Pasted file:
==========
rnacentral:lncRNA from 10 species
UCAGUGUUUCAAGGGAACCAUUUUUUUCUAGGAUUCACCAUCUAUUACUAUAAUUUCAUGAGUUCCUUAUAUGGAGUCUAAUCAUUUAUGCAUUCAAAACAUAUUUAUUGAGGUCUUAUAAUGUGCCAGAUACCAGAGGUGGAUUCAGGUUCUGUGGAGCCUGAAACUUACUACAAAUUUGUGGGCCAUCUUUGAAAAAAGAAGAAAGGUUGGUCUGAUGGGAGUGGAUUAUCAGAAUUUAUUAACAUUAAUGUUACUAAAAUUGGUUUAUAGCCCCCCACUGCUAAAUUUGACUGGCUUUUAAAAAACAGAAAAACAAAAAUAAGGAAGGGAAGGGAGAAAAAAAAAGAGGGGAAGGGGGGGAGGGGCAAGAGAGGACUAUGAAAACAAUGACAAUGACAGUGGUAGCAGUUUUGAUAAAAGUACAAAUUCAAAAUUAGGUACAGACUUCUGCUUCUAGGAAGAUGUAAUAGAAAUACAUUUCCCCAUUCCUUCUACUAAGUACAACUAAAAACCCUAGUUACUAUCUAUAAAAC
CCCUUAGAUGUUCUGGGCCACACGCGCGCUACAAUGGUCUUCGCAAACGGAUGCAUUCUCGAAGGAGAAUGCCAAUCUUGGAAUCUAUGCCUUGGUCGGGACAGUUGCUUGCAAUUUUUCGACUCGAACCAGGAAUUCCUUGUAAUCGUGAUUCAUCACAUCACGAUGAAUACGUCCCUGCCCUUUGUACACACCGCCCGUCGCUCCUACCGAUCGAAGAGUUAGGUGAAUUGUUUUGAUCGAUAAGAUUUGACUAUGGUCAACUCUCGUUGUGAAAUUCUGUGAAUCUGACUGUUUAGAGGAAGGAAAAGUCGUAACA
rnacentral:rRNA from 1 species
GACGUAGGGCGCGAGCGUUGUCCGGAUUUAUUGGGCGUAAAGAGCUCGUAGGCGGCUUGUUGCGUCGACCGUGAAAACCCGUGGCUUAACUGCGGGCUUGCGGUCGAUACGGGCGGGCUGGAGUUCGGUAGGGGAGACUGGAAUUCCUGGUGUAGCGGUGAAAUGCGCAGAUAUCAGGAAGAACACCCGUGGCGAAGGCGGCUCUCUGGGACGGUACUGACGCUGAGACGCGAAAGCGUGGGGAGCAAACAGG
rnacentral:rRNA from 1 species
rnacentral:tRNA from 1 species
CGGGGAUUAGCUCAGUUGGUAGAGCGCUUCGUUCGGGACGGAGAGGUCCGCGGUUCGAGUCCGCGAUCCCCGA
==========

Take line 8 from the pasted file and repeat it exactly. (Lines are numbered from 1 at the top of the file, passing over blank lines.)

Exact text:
CGGGGAUUAGCUCAGUUGGUAGAGCGCUUCGUUCGGGACGGAGAGGUCCGCGGUUCGAGUCCGCGAUCCCCGA